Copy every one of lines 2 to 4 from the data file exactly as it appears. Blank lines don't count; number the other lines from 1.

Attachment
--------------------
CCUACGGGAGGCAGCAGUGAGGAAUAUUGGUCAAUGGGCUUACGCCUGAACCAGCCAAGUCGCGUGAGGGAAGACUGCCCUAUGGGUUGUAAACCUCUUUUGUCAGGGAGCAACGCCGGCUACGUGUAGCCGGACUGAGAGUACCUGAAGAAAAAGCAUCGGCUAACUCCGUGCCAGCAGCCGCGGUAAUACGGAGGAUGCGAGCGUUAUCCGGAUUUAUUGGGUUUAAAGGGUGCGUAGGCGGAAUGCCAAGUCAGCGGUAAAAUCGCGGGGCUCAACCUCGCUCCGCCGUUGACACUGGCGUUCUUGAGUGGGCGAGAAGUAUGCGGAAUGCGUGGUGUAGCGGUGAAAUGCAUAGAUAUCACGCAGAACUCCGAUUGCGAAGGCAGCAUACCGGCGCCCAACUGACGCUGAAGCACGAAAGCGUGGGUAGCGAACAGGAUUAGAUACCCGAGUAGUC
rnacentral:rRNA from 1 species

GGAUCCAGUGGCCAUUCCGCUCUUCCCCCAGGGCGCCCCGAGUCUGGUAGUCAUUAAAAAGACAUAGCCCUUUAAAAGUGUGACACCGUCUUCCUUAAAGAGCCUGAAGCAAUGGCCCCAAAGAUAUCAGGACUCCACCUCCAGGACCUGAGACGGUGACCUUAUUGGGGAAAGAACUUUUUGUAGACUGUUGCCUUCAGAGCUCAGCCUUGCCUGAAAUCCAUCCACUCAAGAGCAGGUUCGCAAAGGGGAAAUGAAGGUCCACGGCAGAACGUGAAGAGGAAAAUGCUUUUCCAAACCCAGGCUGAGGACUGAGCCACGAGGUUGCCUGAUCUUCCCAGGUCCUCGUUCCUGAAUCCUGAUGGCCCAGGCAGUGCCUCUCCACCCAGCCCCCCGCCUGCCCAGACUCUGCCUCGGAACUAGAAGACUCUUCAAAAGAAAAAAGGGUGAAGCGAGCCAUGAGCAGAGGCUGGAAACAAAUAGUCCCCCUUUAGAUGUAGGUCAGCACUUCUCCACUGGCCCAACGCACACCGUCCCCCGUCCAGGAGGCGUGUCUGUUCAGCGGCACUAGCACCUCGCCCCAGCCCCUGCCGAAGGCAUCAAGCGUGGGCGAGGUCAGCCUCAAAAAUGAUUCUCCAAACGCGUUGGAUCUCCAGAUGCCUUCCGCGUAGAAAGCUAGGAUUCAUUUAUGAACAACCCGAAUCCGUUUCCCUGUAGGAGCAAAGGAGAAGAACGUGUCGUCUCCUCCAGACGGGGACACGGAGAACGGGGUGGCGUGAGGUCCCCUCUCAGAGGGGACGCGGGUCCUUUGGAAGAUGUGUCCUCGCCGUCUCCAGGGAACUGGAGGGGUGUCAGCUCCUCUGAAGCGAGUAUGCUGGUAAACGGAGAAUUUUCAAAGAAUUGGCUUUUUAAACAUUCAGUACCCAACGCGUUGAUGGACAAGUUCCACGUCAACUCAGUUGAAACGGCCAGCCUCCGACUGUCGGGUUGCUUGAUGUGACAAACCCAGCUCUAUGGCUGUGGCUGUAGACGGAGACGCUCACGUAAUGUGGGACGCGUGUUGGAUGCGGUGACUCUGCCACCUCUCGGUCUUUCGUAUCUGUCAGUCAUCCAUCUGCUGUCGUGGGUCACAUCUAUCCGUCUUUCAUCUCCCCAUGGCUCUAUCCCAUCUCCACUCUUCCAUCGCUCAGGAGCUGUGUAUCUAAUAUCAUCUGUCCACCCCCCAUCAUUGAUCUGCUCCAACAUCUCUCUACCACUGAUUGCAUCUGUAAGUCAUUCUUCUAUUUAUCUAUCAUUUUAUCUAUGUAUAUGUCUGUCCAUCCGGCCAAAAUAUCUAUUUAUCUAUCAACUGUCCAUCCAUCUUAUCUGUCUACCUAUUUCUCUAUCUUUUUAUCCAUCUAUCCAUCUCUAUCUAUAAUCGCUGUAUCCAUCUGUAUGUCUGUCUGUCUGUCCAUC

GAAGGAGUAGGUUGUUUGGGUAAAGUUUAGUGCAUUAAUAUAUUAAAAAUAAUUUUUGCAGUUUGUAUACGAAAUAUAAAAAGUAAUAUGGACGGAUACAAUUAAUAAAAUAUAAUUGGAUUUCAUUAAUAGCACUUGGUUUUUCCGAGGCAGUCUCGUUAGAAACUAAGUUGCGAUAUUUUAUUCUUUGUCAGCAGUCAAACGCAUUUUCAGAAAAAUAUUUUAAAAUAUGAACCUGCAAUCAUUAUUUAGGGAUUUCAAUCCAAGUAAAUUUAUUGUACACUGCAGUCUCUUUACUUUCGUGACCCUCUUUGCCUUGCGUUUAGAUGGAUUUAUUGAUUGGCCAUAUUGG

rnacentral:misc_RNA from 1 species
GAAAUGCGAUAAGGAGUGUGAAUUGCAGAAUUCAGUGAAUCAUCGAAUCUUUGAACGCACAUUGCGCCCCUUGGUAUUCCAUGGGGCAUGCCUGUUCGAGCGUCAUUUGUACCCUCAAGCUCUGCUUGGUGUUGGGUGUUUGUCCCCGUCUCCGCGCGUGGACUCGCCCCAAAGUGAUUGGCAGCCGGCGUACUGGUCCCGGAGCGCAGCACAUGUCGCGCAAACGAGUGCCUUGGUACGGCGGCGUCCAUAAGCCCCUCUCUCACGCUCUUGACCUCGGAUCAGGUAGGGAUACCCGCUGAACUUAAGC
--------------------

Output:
rnacentral:rRNA from 1 species

GGAUCCAGUGGCCAUUCCGCUCUUCCCCCAGGGCGCCCCGAGUCUGGUAGUCAUUAAAAAGACAUAGCCCUUUAAAAGUGUGACACCGUCUUCCUUAAAGAGCCUGAAGCAAUGGCCCCAAAGAUAUCAGGACUCCACCUCCAGGACCUGAGACGGUGACCUUAUUGGGGAAAGAACUUUUUGUAGACUGUUGCCUUCAGAGCUCAGCCUUGCCUGAAAUCCAUCCACUCAAGAGCAGGUUCGCAAAGGGGAAAUGAAGGUCCACGGCAGAACGUGAAGAGGAAAAUGCUUUUCCAAACCCAGGCUGAGGACUGAGCCACGAGGUUGCCUGAUCUUCCCAGGUCCUCGUUCCUGAAUCCUGAUGGCCCAGGCAGUGCCUCUCCACCCAGCCCCCCGCCUGCCCAGACUCUGCCUCGGAACUAGAAGACUCUUCAAAAGAAAAAAGGGUGAAGCGAGCCAUGAGCAGAGGCUGGAAACAAAUAGUCCCCCUUUAGAUGUAGGUCAGCACUUCUCCACUGGCCCAACGCACACCGUCCCCCGUCCAGGAGGCGUGUCUGUUCAGCGGCACUAGCACCUCGCCCCAGCCCCUGCCGAAGGCAUCAAGCGUGGGCGAGGUCAGCCUCAAAAAUGAUUCUCCAAACGCGUUGGAUCUCCAGAUGCCUUCCGCGUAGAAAGCUAGGAUUCAUUUAUGAACAACCCGAAUCCGUUUCCCUGUAGGAGCAAAGGAGAAGAACGUGUCGUCUCCUCCAGACGGGGACACGGAGAACGGGGUGGCGUGAGGUCCCCUCUCAGAGGGGACGCGGGUCCUUUGGAAGAUGUGUCCUCGCCGUCUCCAGGGAACUGGAGGGGUGUCAGCUCCUCUGAAGCGAGUAUGCUGGUAAACGGAGAAUUUUCAAAGAAUUGGCUUUUUAAACAUUCAGUACCCAACGCGUUGAUGGACAAGUUCCACGUCAACUCAGUUGAAACGGCCAGCCUCCGACUGUCGGGUUGCUUGAUGUGACAAACCCAGCUCUAUGGCUGUGGCUGUAGACGGAGACGCUCACGUAAUGUGGGACGCGUGUUGGAUGCGGUGACUCUGCCACCUCUCGGUCUUUCGUAUCUGUCAGUCAUCCAUCUGCUGUCGUGGGUCACAUCUAUCCGUCUUUCAUCUCCCCAUGGCUCUAUCCCAUCUCCACUCUUCCAUCGCUCAGGAGCUGUGUAUCUAAUAUCAUCUGUCCACCCCCCAUCAUUGAUCUGCUCCAACAUCUCUCUACCACUGAUUGCAUCUGUAAGUCAUUCUUCUAUUUAUCUAUCAUUUUAUCUAUGUAUAUGUCUGUCCAUCCGGCCAAAAUAUCUAUUUAUCUAUCAACUGUCCAUCCAUCUUAUCUGUCUACCUAUUUCUCUAUCUUUUUAUCCAUCUAUCCAUCUCUAUCUAUAAUCGCUGUAUCCAUCUGUAUGUCUGUCUGUCUGUCCAUC

GAAGGAGUAGGUUGUUUGGGUAAAGUUUAGUGCAUUAAUAUAUUAAAAAUAAUUUUUGCAGUUUGUAUACGAAAUAUAAAAAGUAAUAUGGACGGAUACAAUUAAUAAAAUAUAAUUGGAUUUCAUUAAUAGCACUUGGUUUUUCCGAGGCAGUCUCGUUAGAAACUAAGUUGCGAUAUUUUAUUCUUUGUCAGCAGUCAAACGCAUUUUCAGAAAAAUAUUUUAAAAUAUGAACCUGCAAUCAUUAUUUAGGGAUUUCAAUCCAAGUAAAUUUAUUGUACACUGCAGUCUCUUUACUUUCGUGACCCUCUUUGCCUUGCGUUUAGAUGGAUUUAUUGAUUGGCCAUAUUGG